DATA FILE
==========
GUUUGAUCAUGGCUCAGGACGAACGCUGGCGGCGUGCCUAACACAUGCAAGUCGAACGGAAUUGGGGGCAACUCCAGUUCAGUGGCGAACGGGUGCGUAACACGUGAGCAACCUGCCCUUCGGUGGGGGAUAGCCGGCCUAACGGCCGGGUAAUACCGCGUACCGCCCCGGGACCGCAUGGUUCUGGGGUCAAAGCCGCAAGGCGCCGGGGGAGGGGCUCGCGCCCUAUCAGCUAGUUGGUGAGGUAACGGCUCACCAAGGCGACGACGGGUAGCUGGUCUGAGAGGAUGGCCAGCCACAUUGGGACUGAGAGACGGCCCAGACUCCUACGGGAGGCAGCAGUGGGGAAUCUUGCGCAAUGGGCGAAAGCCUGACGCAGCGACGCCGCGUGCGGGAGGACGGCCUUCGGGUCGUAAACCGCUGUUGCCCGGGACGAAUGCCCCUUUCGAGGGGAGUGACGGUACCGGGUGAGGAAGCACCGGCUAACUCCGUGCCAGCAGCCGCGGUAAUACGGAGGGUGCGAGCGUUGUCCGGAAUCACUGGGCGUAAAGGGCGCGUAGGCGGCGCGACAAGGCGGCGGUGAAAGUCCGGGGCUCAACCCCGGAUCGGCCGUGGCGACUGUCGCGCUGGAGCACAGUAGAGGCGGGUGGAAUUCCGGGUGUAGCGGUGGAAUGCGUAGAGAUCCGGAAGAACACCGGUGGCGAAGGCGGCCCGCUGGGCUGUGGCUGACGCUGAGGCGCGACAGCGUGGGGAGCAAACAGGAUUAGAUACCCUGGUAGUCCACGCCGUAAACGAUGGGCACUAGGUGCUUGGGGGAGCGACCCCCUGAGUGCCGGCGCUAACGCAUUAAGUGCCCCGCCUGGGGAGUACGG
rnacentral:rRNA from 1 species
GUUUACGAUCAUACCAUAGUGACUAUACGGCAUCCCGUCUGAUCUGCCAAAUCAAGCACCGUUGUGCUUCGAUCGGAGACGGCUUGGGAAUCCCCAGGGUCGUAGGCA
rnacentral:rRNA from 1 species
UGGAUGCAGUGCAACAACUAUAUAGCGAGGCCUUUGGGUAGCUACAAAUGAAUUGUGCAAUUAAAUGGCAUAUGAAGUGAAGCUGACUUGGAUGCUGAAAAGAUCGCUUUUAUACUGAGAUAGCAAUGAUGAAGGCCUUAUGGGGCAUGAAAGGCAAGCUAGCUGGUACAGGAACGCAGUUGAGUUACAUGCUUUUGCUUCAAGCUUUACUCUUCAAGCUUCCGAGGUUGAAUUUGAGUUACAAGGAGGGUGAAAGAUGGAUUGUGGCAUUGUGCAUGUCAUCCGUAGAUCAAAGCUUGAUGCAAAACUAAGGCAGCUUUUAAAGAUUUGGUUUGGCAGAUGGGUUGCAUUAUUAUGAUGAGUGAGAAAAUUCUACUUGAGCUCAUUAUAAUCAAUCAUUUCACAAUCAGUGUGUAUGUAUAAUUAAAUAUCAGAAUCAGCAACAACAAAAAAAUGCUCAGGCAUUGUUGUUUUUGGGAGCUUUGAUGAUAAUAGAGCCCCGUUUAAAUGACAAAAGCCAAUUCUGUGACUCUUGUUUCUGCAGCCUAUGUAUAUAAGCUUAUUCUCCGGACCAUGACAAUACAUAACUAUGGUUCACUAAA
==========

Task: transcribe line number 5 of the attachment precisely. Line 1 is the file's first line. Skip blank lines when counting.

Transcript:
UGGAUGCAGUGCAACAACUAUAUAGCGAGGCCUUUGGGUAGCUACAAAUGAAUUGUGCAAUUAAAUGGCAUAUGAAGUGAAGCUGACUUGGAUGCUGAAAAGAUCGCUUUUAUACUGAGAUAGCAAUGAUGAAGGCCUUAUGGGGCAUGAAAGGCAAGCUAGCUGGUACAGGAACGCAGUUGAGUUACAUGCUUUUGCUUCAAGCUUUACUCUUCAAGCUUCCGAGGUUGAAUUUGAGUUACAAGGAGGGUGAAAGAUGGAUUGUGGCAUUGUGCAUGUCAUCCGUAGAUCAAAGCUUGAUGCAAAACUAAGGCAGCUUUUAAAGAUUUGGUUUGGCAGAUGGGUUGCAUUAUUAUGAUGAGUGAGAAAAUUCUACUUGAGCUCAUUAUAAUCAAUCAUUUCACAAUCAGUGUGUAUGUAUAAUUAAAUAUCAGAAUCAGCAACAACAAAAAAAUGCUCAGGCAUUGUUGUUUUUGGGAGCUUUGAUGAUAAUAGAGCCCCGUUUAAAUGACAAAAGCCAAUUCUGUGACUCUUGUUUCUGCAGCCUAUGUAUAUAAGCUUAUUCUCCGGACCAUGACAAUACAUAACUAUGGUUCACUAAA